"I don't believe in paperless," says Dr Chaudry, who joined CUH after a three-year stint as a research director of global healthcare at Gartner. "People will still always need to print. And for business continuity, just in case the system does fail, you still need to be able to print.
"So I've always had the strategy that I'm working towards a paper-lite environment. And we're pretty close to that. We have 750,000 out patient appointments a year, and we don't pull a single record for those out patient appointments. It's all online, and on Epic."
CUH has also managed to reduce the number of printers at the Trust from more than 2,000 prior to implementing Epic to 438 today. Setting realistic goals that are sympathetic to staff needs has proved more powerful than grand promises.
The digital transformation of health and social care can improve treatment, maximise staff capacity and provide more flexibility to patients. But is ultimately an economic necessity.
"That's how health is shifting," says Dr Chaudry. "We're not going to be building more monolithic hospitals, because we just don't have the money. So, the question is, how do you conceive healthcare differently?
"And certainly, when we poll our patients, the millennials tend to tell us that they don't like healthcare anyway. So, they want to consume it in a different way, and that means they don't really want to come in, they just want to do it from their office."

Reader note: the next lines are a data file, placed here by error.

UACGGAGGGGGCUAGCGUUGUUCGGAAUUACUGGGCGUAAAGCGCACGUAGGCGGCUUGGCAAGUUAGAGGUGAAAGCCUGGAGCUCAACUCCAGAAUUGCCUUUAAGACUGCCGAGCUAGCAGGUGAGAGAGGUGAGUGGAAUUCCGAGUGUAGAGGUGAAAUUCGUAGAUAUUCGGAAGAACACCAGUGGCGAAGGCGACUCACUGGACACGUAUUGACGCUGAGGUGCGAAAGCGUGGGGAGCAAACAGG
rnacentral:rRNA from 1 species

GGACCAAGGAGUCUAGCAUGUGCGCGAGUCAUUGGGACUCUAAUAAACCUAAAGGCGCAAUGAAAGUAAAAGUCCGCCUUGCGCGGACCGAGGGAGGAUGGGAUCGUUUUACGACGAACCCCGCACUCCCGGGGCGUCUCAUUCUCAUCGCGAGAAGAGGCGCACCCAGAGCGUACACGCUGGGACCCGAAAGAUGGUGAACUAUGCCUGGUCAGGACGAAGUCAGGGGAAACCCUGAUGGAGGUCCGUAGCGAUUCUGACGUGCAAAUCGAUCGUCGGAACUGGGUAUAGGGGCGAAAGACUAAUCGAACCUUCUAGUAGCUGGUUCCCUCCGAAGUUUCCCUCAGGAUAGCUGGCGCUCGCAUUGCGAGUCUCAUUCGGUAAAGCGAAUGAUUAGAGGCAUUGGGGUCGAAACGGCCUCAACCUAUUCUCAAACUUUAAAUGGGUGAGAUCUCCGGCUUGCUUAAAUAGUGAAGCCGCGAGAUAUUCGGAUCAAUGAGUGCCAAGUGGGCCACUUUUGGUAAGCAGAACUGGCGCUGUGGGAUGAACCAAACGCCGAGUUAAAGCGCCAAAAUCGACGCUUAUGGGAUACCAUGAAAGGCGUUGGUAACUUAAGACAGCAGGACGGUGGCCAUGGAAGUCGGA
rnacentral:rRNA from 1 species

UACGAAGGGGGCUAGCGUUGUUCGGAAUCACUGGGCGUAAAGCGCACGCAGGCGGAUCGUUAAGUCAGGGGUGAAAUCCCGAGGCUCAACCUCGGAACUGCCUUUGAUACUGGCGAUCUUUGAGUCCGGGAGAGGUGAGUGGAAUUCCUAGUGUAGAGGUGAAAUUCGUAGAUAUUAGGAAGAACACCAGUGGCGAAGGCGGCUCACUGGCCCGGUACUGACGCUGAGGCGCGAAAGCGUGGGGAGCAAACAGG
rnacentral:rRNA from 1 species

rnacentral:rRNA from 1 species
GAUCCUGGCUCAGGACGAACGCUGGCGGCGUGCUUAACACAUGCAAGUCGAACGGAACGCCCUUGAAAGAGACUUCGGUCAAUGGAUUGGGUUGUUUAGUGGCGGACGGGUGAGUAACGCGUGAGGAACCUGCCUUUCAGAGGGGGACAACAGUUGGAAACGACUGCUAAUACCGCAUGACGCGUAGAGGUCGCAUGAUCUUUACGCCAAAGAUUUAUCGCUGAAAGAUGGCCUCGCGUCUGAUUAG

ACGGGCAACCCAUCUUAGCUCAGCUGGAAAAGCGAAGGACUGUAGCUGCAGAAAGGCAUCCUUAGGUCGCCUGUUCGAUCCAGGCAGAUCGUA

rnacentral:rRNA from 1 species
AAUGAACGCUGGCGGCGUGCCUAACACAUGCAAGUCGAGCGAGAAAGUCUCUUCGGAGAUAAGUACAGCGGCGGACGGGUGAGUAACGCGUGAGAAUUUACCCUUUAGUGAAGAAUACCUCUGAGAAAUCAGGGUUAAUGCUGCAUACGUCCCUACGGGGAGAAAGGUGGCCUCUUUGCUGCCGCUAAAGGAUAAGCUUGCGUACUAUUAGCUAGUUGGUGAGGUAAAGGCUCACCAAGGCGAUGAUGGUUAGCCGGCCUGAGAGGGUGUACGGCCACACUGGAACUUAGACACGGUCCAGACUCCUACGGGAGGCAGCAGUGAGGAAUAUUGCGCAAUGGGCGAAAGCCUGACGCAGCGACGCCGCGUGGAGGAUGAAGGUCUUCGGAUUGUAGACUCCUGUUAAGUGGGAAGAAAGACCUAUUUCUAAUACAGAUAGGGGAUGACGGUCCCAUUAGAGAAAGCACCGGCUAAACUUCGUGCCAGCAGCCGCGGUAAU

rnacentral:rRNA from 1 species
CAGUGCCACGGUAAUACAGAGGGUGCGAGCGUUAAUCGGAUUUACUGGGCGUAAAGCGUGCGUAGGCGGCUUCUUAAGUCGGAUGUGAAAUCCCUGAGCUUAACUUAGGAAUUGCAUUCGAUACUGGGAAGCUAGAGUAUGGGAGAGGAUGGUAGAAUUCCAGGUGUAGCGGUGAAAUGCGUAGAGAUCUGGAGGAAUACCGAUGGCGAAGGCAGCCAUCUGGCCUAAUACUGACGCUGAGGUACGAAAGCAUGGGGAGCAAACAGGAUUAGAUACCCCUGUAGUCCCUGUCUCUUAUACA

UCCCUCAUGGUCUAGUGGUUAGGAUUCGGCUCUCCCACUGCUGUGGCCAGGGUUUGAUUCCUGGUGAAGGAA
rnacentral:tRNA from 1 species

CUH will further support this telehealth model through its migration to Microsoft Office 365 for Business.
The suite of software and services will give staff email access on their mobile device, extensive storage space in the clouds and productivity features such as real-time document collaboration.
It will also support virtual consultations with patients through platforms such as Skype for Business.
The partnership CUH has developed with Microsoft provides a model for how Dr. Chaudry attracts the best technology available from a variety of vendors.
"Our conversation with Microsoft was very clear," he explains. "You put skin in the game, we put skin in the game, when we work together towards a common goal."
CUH gave Microsoft time with nurses, doctors, and other allied health professionals to understand what they thought and wanted to ensure that Microsoft provided an appropriate service for their needs.
"You've got to treat your vendor as a partner, but at the same time, you've got to push your vendors to bring real value," says Chaudry. "What I tend to do is say to them, 'If you think you can do it, prove it to me'. And the good ones absolutely do that."
CUH is also exploring how virtual reality could improve treatment in services such as physiotherapy.
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